Kids, Tips / How-Tos, Toddlers

Should Your Child Eat Everything on Their Plate?

Through generations, the notion that kids should “clean their plates” has prevailed. For some, it stems from a “waste not, want not” philosophy. Others reason that the only way to get kids to eat their vegetables is to enforce a strict policy about meals in general.

In truth, the “clean your plate” strategy is best avoided. A healthy relationship between kids and food is founded on their ability to listen to their bodies, appreciate what they’re eating and become independent assessors of their eating habits—not whether they’re able to eat everything on their plate. Your kids should learn to recognize what it feels like to be hungry and full and then eat based on how they feel. Teaching your kids to listen to their hunger cues will set them up for a lifetime of healthy eating.    

Encouraging kids from an early age to recognize hunger and satiety for themselves sets them up for self-regulation later on. When kids are older and begin feeding themselves, it’s important they realize why they’re eating. Is it because they’re actually hungry or simply because food is present?

Think about your own experience as an adult, particularly when eating at restaurants where portions tend to be bigger. If you tend to overeat, there’s a reason why: Research suggests that we’re psychologically predisposed to take visual cues from food. In other words, as long as food is in front of us, it’s natural to want to continue eating. You can use age-appropriate plates for your toddlers and kids to help them avoid overeating. While the typical adult-sized plate is 12 inches, opt for a 6-inch plate for toddlers and a 9-inch plate for kids and early adolescents.

Many parents might equate a clean plate with better nutrition or a higher likelihood that their kids will eat their vegetables. But healthy eating isn’t just about what’s on the plate—it’s also about how kids approach food and the eating habits they develop. During meals, the pressure to eat everything on their plate can be stressful for kids, undermining what should be a relaxed time that the family enjoys together.  

If you’re worried that your kids won’t eat their vegetables unless told to clean their plates, try offering veggies as an appetizer, first course or snack in between mealtimes. If your kids finish their meal and ask for seconds, serve up more vegetables.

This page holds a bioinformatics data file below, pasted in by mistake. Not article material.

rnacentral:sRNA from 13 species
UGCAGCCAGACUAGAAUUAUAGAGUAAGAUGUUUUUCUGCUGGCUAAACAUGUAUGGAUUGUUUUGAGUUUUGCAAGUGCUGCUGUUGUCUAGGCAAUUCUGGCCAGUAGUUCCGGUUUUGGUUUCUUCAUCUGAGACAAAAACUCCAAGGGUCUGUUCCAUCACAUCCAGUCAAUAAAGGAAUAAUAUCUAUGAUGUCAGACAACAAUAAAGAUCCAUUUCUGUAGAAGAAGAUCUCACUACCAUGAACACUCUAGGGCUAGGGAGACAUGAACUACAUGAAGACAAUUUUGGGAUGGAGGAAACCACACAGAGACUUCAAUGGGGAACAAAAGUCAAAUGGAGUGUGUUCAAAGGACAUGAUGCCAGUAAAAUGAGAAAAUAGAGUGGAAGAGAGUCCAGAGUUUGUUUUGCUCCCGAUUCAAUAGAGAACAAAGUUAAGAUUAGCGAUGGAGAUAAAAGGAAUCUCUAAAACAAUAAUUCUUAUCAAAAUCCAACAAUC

Giving kids control of their portions can help them approach eating in a healthy way. Consider serving dinner family style and letting your kids help themselves. Studies show that when children choose their portions, they’re less likely to overeat. One reason for this is that they decide how much to eat, which lets them learn for themselves whether they’re still hungry by listening to their bodies and understanding hunger cues.

Another way to encourage your little eater’s independence is by letting them “choose” what they eat for dinner from a selection of healthy options that you’ve chosen. Order a selection of Nurture Life meals you think would be approachable for your child, and let them select which one they would like to try first. If your kids are a little older, they can even help with the menu selection when you select the meals online. Nurture Life meals are designed by a team of chefs and pediatric dietitian to meet the nutritional needs of toddlers and kids. If your little one is a picky eater, our Favorites Menu is a great taste to start, offering nutritious versions of classic kids dishes like Mac & Cheese with Cauliflower and Chicken Bites, Mashed Yams & Green Beans.

The Baby Boomer generation might have become accustomed to the “clean your plate” rule, but this strategy doesn’t always lead to healthy eating. Kids are better served when they’re empowered to make good decisions for themselves.

If you’re interested in Nurture Life and have specific questions about getting your little one started on our meals, please contact us here.


Lara Field at Nurture Life

Lara Field

Lara has been working with Nurture Life since its inception, collaborating with the culinary team on the creation of all menus and recipes to ensure they are nutritionally appropriate and correctly proportioned for every age and stage of a child’s development and providing pediatric nutrition expertise to Nurture Life customers. Lara is the owner/founder of FEED—Forming Early Eating Decisions, a nutrition consulting practice specializing in pediatric nutrition and digestive diseases. Lara has over a decade of experience in clinical practice at two of the top ranked pediatric hospitals in the country, Lurie Children’s Hospital and University of Chicago Medical Center. Lara received her B.S. from the University of Illinois at Urbana-Champaign and M.S. and dietetic internship from Rush University Medical Center in Chicago, Illinois. Lara truly enjoys the process of eating (and feeding!), from procuring the ingredients at various grocery stores and farmers markets, to organizing her pantry/refrigerator at home to make it easy to select healthy options, to preparing balanced meals with her children. Whether it be a decadent treat to a hearty, home-cooked meal, there is no greater satisfaction for Lara than enjoying food with her family.